6. MichiganSeems safe. Probably best to just ignore it, right?
Joe Biden has led in every head-to-head poll ever taken against Donald Trump in Michigan, with his average polling lead sitting at 5.5 percentage points. Well! That’s about all we need to hear. Democrats and the Biden campaign should assume that he’ll win Michigan and devote little attention to it from now on. If he really wants to, Biden could make one stop there in the days before the election, but he probably doesn’t even need to. He should devote zero dollars in advertising there, since it is such a safe state to win. There’s no need for him to expend energy mobilizing turnout in Democratic precincts. He should actively take Michigan for granted. It is a state that always goes for Democrats, an untouchable brick in the Blue Wall. Same for Pennsylvania. Pennsylvania is a safe Democratic state that Republicans cannot win ever.
7. Maine, Minnesota, New HampshireCan Trump flip any?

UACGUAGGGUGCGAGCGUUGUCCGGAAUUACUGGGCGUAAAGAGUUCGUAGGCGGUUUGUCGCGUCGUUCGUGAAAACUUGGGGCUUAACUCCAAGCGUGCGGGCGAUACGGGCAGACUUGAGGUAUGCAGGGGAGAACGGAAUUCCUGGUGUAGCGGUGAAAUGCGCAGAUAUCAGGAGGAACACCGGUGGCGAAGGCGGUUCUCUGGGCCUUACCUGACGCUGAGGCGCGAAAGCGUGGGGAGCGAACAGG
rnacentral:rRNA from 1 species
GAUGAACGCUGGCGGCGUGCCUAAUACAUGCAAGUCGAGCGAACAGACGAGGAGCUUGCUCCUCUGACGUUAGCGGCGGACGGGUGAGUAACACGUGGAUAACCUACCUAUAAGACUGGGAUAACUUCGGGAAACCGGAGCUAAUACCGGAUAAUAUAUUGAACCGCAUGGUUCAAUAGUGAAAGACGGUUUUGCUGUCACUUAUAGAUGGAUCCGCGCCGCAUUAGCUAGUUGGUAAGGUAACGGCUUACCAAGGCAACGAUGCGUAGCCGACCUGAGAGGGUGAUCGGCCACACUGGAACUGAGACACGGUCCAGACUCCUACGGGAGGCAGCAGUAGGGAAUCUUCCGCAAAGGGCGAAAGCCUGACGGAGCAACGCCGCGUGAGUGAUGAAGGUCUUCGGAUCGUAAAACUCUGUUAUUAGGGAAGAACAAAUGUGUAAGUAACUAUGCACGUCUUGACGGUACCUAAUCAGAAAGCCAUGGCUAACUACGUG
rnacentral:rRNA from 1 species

We’re lumping these three states together because (a) we can, it’s our newsletter, and (b) these are “safe” Democratic states that Clinton only narrowly won. These three states, as FiveThirtyEight wrote this month, have high non-Hispanic white populations, and Democrats could overlook them “because they might assume Biden won’t lose where Clinton won four years ago.” Polling is scant in the three, but let’s look at where Trump would be starting in these upset bids. A recent New Hampshire poll showed Biden up by 8 percentage points there. Biden was up 12 in a head-to-head with Trump in a Minnesota poll conducted last October. A Maine poll from March showed Biden leading Trump by 10. In other words, according to these individual, dated polls, we can firmly conclude that these states are safe for Biden, along with Michigan and Pennsylvania. Democratic officials should spend no money defending them and should spit on voters from these states if they see them, which, God willing, they never will.